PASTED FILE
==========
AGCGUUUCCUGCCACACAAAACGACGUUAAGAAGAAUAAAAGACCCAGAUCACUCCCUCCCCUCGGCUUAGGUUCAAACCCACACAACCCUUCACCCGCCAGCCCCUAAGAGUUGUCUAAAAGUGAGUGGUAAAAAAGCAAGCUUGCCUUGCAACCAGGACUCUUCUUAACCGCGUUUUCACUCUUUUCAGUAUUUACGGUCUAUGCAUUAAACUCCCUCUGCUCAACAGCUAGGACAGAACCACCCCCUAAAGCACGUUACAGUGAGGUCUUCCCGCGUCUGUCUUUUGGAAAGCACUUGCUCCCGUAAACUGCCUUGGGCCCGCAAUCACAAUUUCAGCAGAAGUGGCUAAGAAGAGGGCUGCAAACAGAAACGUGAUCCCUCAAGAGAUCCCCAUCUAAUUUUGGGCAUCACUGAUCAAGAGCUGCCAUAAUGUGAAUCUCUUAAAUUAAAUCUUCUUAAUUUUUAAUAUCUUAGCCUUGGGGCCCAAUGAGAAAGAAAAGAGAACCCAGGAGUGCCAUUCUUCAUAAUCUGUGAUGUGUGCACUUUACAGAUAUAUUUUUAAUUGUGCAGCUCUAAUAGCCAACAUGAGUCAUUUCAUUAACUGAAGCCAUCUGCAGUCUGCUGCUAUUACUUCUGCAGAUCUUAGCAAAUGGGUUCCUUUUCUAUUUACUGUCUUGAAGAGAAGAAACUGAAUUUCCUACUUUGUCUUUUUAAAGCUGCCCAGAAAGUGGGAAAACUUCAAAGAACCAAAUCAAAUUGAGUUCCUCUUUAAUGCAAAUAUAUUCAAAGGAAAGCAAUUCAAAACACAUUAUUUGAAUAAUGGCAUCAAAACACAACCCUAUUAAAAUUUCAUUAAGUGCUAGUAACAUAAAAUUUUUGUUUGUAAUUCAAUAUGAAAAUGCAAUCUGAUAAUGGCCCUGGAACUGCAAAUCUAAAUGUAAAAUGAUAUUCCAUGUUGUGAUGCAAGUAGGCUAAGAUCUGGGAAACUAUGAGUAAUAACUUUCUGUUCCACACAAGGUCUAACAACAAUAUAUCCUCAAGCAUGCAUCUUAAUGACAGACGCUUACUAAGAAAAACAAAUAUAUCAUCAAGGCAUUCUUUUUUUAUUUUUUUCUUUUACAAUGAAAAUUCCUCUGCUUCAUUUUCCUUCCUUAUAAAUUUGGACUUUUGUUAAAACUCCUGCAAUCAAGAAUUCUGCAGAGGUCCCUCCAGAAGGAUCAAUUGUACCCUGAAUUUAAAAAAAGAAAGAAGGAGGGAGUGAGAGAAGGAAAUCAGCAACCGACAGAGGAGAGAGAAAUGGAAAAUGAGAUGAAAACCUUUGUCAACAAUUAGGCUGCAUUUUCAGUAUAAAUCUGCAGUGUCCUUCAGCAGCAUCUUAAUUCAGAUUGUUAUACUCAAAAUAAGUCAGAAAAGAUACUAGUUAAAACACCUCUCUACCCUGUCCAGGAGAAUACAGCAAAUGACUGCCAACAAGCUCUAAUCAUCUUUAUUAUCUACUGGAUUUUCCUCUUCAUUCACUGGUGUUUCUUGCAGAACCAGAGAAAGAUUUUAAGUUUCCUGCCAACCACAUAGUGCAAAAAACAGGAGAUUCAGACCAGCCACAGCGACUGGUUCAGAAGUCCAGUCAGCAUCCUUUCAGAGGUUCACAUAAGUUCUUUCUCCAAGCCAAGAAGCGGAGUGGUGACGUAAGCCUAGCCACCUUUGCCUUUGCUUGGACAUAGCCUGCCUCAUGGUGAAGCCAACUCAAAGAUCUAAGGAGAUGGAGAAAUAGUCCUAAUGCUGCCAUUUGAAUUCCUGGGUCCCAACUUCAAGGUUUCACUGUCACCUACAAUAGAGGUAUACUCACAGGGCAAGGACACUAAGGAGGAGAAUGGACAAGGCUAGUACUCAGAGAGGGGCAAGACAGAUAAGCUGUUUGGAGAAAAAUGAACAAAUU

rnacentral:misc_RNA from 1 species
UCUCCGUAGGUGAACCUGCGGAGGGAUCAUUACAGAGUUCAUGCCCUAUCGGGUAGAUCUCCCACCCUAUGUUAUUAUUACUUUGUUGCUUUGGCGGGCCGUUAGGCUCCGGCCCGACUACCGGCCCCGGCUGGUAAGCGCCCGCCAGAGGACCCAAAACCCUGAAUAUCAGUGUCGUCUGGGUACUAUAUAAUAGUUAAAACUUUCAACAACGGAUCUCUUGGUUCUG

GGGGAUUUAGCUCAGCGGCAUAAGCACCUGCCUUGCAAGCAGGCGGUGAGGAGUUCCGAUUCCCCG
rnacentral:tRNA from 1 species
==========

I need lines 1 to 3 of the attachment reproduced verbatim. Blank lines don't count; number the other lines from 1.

AGCGUUUCCUGCCACACAAAACGACGUUAAGAAGAAUAAAAGACCCAGAUCACUCCCUCCCCUCGGCUUAGGUUCAAACCCACACAACCCUUCACCCGCCAGCCCCUAAGAGUUGUCUAAAAGUGAGUGGUAAAAAAGCAAGCUUGCCUUGCAACCAGGACUCUUCUUAACCGCGUUUUCACUCUUUUCAGUAUUUACGGUCUAUGCAUUAAACUCCCUCUGCUCAACAGCUAGGACAGAACCACCCCCUAAAGCACGUUACAGUGAGGUCUUCCCGCGUCUGUCUUUUGGAAAGCACUUGCUCCCGUAAACUGCCUUGGGCCCGCAAUCACAAUUUCAGCAGAAGUGGCUAAGAAGAGGGCUGCAAACAGAAACGUGAUCCCUCAAGAGAUCCCCAUCUAAUUUUGGGCAUCACUGAUCAAGAGCUGCCAUAAUGUGAAUCUCUUAAAUUAAAUCUUCUUAAUUUUUAAUAUCUUAGCCUUGGGGCCCAAUGAGAAAGAAAAGAGAACCCAGGAGUGCCAUUCUUCAUAAUCUGUGAUGUGUGCACUUUACAGAUAUAUUUUUAAUUGUGCAGCUCUAAUAGCCAACAUGAGUCAUUUCAUUAACUGAAGCCAUCUGCAGUCUGCUGCUAUUACUUCUGCAGAUCUUAGCAAAUGGGUUCCUUUUCUAUUUACUGUCUUGAAGAGAAGAAACUGAAUUUCCUACUUUGUCUUUUUAAAGCUGCCCAGAAAGUGGGAAAACUUCAAAGAACCAAAUCAAAUUGAGUUCCUCUUUAAUGCAAAUAUAUUCAAAGGAAAGCAAUUCAAAACACAUUAUUUGAAUAAUGGCAUCAAAACACAACCCUAUUAAAAUUUCAUUAAGUGCUAGUAACAUAAAAUUUUUGUUUGUAAUUCAAUAUGAAAAUGCAAUCUGAUAAUGGCCCUGGAACUGCAAAUCUAAAUGUAAAAUGAUAUUCCAUGUUGUGAUGCAAGUAGGCUAAGAUCUGGGAAACUAUGAGUAAUAACUUUCUGUUCCACACAAGGUCUAACAACAAUAUAUCCUCAAGCAUGCAUCUUAAUGACAGACGCUUACUAAGAAAAACAAAUAUAUCAUCAAGGCAUUCUUUUUUUAUUUUUUUCUUUUACAAUGAAAAUUCCUCUGCUUCAUUUUCCUUCCUUAUAAAUUUGGACUUUUGUUAAAACUCCUGCAAUCAAGAAUUCUGCAGAGGUCCCUCCAGAAGGAUCAAUUGUACCCUGAAUUUAAAAAAAGAAAGAAGGAGGGAGUGAGAGAAGGAAAUCAGCAACCGACAGAGGAGAGAGAAAUGGAAAAUGAGAUGAAAACCUUUGUCAACAAUUAGGCUGCAUUUUCAGUAUAAAUCUGCAGUGUCCUUCAGCAGCAUCUUAAUUCAGAUUGUUAUACUCAAAAUAAGUCAGAAAAGAUACUAGUUAAAACACCUCUCUACCCUGUCCAGGAGAAUACAGCAAAUGACUGCCAACAAGCUCUAAUCAUCUUUAUUAUCUACUGGAUUUUCCUCUUCAUUCACUGGUGUUUCUUGCAGAACCAGAGAAAGAUUUUAAGUUUCCUGCCAACCACAUAGUGCAAAAAACAGGAGAUUCAGACCAGCCACAGCGACUGGUUCAGAAGUCCAGUCAGCAUCCUUUCAGAGGUUCACAUAAGUUCUUUCUCCAAGCCAAGAAGCGGAGUGGUGACGUAAGCCUAGCCACCUUUGCCUUUGCUUGGACAUAGCCUGCCUCAUGGUGAAGCCAACUCAAAGAUCUAAGGAGAUGGAGAAAUAGUCCUAAUGCUGCCAUUUGAAUUCCUGGGUCCCAACUUCAAGGUUUCACUGUCACCUACAAUAGAGGUAUACUCACAGGGCAAGGACACUAAGGAGGAGAAUGGACAAGGCUAGUACUCAGAGAGGGGCAAGACAGAUAAGCUGUUUGGAGAAAAAUGAACAAAUU

rnacentral:misc_RNA from 1 species
UCUCCGUAGGUGAACCUGCGGAGGGAUCAUUACAGAGUUCAUGCCCUAUCGGGUAGAUCUCCCACCCUAUGUUAUUAUUACUUUGUUGCUUUGGCGGGCCGUUAGGCUCCGGCCCGACUACCGGCCCCGGCUGGUAAGCGCCCGCCAGAGGACCCAAAACCCUGAAUAUCAGUGUCGUCUGGGUACUAUAUAAUAGUUAAAACUUUCAACAACGGAUCUCUUGGUUCUG